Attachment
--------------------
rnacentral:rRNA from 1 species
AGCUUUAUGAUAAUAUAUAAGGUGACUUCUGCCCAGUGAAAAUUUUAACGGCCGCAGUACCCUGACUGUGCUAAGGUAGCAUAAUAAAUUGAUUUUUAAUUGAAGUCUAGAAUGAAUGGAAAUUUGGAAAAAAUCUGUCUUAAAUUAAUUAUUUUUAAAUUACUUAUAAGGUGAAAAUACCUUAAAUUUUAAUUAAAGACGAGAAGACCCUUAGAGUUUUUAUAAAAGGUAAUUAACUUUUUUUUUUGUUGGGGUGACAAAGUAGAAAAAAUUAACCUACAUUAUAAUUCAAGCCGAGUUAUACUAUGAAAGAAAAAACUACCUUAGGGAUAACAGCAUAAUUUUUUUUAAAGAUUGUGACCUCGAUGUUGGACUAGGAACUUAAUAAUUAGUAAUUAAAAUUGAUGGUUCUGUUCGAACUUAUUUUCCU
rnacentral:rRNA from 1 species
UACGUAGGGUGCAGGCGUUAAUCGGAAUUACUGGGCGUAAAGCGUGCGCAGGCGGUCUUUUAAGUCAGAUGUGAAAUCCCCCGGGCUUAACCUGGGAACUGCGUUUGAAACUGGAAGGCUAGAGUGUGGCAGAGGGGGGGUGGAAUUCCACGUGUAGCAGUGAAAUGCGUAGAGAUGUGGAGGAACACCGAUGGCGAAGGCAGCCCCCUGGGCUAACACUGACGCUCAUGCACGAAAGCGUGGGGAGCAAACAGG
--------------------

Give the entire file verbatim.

rnacentral:rRNA from 1 species
AGCUUUAUGAUAAUAUAUAAGGUGACUUCUGCCCAGUGAAAAUUUUAACGGCCGCAGUACCCUGACUGUGCUAAGGUAGCAUAAUAAAUUGAUUUUUAAUUGAAGUCUAGAAUGAAUGGAAAUUUGGAAAAAAUCUGUCUUAAAUUAAUUAUUUUUAAAUUACUUAUAAGGUGAAAAUACCUUAAAUUUUAAUUAAAGACGAGAAGACCCUUAGAGUUUUUAUAAAAGGUAAUUAACUUUUUUUUUUGUUGGGGUGACAAAGUAGAAAAAAUUAACCUACAUUAUAAUUCAAGCCGAGUUAUACUAUGAAAGAAAAAACUACCUUAGGGAUAACAGCAUAAUUUUUUUUAAAGAUUGUGACCUCGAUGUUGGACUAGGAACUUAAUAAUUAGUAAUUAAAAUUGAUGGUUCUGUUCGAACUUAUUUUCCU
rnacentral:rRNA from 1 species
UACGUAGGGUGCAGGCGUUAAUCGGAAUUACUGGGCGUAAAGCGUGCGCAGGCGGUCUUUUAAGUCAGAUGUGAAAUCCCCCGGGCUUAACCUGGGAACUGCGUUUGAAACUGGAAGGCUAGAGUGUGGCAGAGGGGGGGUGGAAUUCCACGUGUAGCAGUGAAAUGCGUAGAGAUGUGGAGGAACACCGAUGGCGAAGGCAGCCCCCUGGGCUAACACUGACGCUCAUGCACGAAAGCGUGGGGAGCAAACAGG